Teachers Introduce science laboratory kit to enhance practical studies in secondary schools

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Teachers Introduce science laboratory kit to enhance practical studies in secondary schools
mini laboratory for schools

As part of the government's efforts to promote the teaching of science subjects in the new lower secondary curriculum, a group of science teachers has launched a "mini laboratory for schools", a science laboratory kit designed to facilitate practical studies in secondary schools.

This took place during a workshop organized by Science Teaching and Innovations Africa, aimed at enhancing the pedagogical skills of science teachers through training on Laboratory Instruction Manuals (LIM).

The workshop, held in Kampala on Saturday, was attended by teachers from various schools in the central region.

Recognizing the importance of prioritising science subjects, the government has increased the salaries of science teachers to four million, aiming to motivate them for effective instruction.

However, despite these efforts, students' performance in these subjects remains subpar.

According to the Uganda National Examinations Board (UNEB), inadequate laboratory equipment in schools contributes to students' underperformance in science subjects. Some students and teachers encounter certain equipment for the first time during their final exams.

Biology, Chemistry, and Physics have long been compulsory subjects for lower-secondary students; however, they continue to present challenges despite various initiatives.

During the workshop focused on enhancing the practical teaching of science, Amon Rugira, Country Director of Science Teaching and Innovations Africa, emphasized the importance of utilizing laboratories and innovative teaching methods for science subjects.

"We have observed that although many schools have laboratories, they often remain unused by students. To address this, we have developed a 'laboratory instruction manual' to provide support to students. We assist teachers in managing laboratory sessions so that students are well-prepared before entering the lab," he stated.

Rugira highlighted that all the equipment in their kit is locally made, ensuring affordability and accessibility in all parts of the country.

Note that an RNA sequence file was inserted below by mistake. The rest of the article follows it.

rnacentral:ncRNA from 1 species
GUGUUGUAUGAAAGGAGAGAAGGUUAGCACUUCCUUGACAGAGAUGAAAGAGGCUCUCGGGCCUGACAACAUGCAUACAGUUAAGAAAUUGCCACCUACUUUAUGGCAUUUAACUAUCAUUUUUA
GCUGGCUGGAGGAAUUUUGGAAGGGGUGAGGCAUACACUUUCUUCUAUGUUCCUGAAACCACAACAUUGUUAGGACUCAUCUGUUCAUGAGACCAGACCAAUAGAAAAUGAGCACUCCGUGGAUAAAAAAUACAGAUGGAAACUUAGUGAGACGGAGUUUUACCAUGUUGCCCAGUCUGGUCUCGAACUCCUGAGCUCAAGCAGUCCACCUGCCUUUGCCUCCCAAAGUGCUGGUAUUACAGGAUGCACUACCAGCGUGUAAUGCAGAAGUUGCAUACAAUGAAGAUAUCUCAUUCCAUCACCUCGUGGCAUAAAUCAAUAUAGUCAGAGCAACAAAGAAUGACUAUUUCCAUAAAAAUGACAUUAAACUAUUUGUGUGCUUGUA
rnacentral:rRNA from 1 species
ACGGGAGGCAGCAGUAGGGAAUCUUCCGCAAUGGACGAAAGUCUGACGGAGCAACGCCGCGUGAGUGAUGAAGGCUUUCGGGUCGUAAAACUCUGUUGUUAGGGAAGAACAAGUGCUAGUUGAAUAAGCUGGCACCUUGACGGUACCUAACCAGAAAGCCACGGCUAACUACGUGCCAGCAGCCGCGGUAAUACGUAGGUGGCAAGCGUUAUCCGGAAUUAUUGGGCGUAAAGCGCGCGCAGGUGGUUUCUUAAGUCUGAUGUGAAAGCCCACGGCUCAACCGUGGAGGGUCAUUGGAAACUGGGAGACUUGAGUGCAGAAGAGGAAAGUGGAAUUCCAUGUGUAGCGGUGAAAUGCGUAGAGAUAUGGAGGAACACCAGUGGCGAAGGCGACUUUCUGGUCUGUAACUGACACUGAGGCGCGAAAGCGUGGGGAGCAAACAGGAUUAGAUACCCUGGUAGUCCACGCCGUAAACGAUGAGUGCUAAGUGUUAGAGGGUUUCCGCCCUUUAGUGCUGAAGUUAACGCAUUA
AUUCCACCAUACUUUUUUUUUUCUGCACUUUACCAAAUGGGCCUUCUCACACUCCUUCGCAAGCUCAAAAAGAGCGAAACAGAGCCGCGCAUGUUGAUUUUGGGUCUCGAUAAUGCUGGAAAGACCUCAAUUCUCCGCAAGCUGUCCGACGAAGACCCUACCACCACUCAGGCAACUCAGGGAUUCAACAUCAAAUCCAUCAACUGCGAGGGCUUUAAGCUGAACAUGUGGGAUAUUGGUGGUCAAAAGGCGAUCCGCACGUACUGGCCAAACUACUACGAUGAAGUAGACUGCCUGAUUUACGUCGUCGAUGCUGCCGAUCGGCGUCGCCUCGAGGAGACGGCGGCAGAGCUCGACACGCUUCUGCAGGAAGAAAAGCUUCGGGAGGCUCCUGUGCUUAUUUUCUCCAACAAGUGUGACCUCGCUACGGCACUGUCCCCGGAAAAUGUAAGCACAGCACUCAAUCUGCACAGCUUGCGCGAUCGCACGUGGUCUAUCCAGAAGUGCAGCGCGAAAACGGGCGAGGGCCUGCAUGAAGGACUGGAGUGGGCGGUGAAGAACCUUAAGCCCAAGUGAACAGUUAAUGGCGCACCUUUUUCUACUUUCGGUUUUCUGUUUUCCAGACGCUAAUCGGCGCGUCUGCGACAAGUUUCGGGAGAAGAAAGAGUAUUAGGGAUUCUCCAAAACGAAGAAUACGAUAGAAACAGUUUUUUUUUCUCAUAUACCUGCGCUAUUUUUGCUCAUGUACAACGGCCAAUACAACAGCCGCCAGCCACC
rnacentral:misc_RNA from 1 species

He also acknowledged the lack of professional development opportunities for teachers as a significant challenge, emphasizing the importance of continuous professional growth.

Rugira expressed appreciation for the increasing role of artificial intelligence in Uganda's education sector

"We encourage teachers to innovate, and we provide support. The integration of ICT in all schools is crucial for enhancing the teaching of science subjects, and we are ready to assist teachers in this regard," he said.

Stuart Nabbasa, a biology and chemistry teacher from Science Teaching and Innovations Africa, explained that the newly launched laboratory kit will enable science teachers to adopt unique approaches to teaching these subjects.

"Teachers face challenges with the new curriculum, which includes new textbooks and materials. To address this, we have developed a competency-based science kit that includes materials not readily available in laboratories. These materials are essential for implementing the new curriculum," he noted.

Nabbasa emphasized the goal of empowering science teachers and promoting innovation.

Muniru Kabali, a physics and mathematics teacher from Mmanze Secondary School in Wakiso district explained why physics is one of the most challenging subjects in Uganda:

"Physics is a practical subject, but we tend to teach it in a theoretical manner," he said.

Having taught for the past twelve years, he expressed the difficulties of teaching physics due to its complexity.

Kabali urged the government to provide the laboratory kit, especially to teachers in rural schools where students cannot afford to contribute even a small amount for demonstrations.

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